Tableau Server 9.0 makes it easier to unleash the power of data across an entire organization, from an administrator to an IT developer, to an end user.
Here’s an overview of the new and improved features.
We’ve rebuilt the Server from the ground up using AngularJS, Java, and a services-oriented architecture. The result: a faster and richer user experience.
When you log in as an administrator, you’ll see the revamped content management section. We’ve replaced pagination with infinite scrolling, which makes browsing through content a breeze. And the Universal Search feature helps you quickly locate workbooks, users, and data sources. Both features are powered by Solr, the search platform behind many of the world's largest Internet sites.
In Tableau Server 9.0, you can perform bulk operations against multiple items, or perform specific actions against a single item. The list of available actions is updated depending on your selection context. For example, if you select multiple data sources, the actions specific to the selection context will be enabled, as seen in the example below. The “more” drop-down menu shows additional actions available on the selected items.
Actions that perform bulk operations have built-in permission checks. If a user tries to apply an unpermitted action, an error message will pop up.
For an action on a single selected item, the Server checks your permissions and updates the state of the menu items. If you don’t have permission to perform an action, the menus are disabled. For instance, in the example below, you can see that “edit connection” is disabled.
We’ve visualized user permissions to make management easier. In Tableau Server 9.0, you can tell at a glance which user has which permissions. Hover over the permission box, and you can see why the user has that specific permission.
You can also add a new user or a new group and assign permissions without navigating away from the permissions view. Changing permissions is as easy as clicking on the appropriate box. Once you click, the box will turn green and a checkmark will appear, indicating the user has been given permission.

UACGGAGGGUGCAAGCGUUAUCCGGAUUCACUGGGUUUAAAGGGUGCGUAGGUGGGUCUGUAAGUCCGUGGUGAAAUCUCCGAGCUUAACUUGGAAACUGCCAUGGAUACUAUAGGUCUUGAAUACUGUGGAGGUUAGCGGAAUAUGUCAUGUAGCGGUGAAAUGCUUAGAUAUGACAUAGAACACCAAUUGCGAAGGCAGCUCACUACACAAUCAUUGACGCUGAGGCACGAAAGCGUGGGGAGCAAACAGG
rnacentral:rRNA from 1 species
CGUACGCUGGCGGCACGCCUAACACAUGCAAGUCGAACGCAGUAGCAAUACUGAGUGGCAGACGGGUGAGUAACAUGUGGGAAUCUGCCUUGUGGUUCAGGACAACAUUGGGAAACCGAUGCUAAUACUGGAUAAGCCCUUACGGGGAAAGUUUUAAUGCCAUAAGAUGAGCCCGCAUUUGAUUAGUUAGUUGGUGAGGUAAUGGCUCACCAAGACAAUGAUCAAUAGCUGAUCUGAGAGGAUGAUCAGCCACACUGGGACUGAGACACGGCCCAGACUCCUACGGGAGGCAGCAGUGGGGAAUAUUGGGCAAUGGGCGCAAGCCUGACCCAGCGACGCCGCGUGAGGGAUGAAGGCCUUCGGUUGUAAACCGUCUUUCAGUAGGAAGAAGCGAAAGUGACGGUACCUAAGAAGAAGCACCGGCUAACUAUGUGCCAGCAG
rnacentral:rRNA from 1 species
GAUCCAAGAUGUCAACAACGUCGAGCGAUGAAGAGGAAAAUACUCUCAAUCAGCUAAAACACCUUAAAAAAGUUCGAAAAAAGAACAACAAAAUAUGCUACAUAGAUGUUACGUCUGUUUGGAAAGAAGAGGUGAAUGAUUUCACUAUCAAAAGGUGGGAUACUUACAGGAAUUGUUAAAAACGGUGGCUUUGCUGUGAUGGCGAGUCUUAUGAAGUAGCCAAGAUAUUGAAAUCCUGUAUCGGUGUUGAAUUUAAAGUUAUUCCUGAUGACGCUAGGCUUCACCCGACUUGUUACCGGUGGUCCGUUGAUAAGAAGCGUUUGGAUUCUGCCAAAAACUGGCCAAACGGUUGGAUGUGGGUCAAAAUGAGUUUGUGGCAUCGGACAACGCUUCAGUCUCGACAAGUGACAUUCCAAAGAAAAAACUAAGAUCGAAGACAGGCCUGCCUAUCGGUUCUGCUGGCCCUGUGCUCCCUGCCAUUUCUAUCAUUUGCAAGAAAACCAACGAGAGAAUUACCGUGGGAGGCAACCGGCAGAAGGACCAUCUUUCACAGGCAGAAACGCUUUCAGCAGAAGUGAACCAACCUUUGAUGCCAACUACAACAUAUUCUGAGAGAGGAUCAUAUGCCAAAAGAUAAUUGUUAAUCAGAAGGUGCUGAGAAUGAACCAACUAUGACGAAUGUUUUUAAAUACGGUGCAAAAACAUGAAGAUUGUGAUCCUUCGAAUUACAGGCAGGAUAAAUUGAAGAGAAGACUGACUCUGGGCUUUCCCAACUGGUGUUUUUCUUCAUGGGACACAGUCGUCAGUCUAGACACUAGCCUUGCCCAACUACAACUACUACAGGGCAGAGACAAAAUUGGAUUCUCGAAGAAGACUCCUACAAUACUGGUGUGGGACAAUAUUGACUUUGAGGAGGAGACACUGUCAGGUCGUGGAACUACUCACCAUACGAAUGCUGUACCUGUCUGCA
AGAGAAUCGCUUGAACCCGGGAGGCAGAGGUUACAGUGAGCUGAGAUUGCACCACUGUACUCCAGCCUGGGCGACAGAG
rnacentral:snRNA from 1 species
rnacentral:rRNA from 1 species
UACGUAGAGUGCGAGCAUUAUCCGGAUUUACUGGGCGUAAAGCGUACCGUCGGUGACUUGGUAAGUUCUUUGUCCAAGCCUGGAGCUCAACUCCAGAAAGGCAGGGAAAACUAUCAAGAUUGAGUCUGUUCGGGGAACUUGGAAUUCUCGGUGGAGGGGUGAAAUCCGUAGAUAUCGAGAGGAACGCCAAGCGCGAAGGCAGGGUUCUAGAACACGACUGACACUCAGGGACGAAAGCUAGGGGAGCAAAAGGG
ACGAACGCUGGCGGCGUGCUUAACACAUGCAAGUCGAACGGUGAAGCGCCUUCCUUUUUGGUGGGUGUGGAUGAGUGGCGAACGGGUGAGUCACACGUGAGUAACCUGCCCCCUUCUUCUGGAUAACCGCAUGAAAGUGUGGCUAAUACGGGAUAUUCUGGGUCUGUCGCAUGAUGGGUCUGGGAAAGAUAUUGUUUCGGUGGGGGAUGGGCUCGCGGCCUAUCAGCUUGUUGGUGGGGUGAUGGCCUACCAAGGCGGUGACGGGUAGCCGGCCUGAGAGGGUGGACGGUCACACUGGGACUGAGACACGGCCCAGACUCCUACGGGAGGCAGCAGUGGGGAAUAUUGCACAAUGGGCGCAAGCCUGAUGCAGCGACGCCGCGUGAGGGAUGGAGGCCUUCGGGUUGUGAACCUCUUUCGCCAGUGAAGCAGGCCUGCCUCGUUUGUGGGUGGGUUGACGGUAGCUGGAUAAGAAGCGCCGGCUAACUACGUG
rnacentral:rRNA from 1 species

The new Server Analytics views provide insights into Tableau usage in your organization. For example, if you want to know how many people are using the server at any given time (because you want to know whether you should reboot the server), you can find the answer very quickly on the “Actions by All Users” view.
You can interact with these views and find answers to additional questions like: What are the most popular views? Who accesses these views most frequently? Which data sources are most widely used? Who uses them most often? And which users take up the most space on Tableau Server? (Learn more about these views.)
In Tableau Server 9.0, you can automate business processes using the new REST API. For example, you can build a script to automatically onboard new users or even entire teams. Use your script to create a site, create a project, assign permissions, and publish starter content for the user, all as part of the single onboarding program.
Tableau Server 9.0 has a number of updates including parallel plans, query fusion, shared query caching, support for vectorization, and temp tables on data server. In many cases, these updates significantly improve performance. (Read more about these features.)
Tableau is a workhorse that requires system resource to do a lot of the work before it can service end-user requests with beautiful visualizations. However, there may be occasions when you run low on system resources. We wanted to minimize service interruptions during these times. So we've added Server Resource Monitoring tokeep track of the CPU and memory utilization of key server processes like VizQL Server.
While this doesn't preclude having a sound infrastructure monitoring plan in place, this feature will attempt to auto-correct health issues by restarting affected server processes and alerting you.
We've just scratched the surface of Tableau Server 9.0, which takes things to a #WholeNewLevel. We've made huge improvements to the High Availability architecture, including adding cluster management capabilities. We'll highlight some of those upgrades in an upcoming post.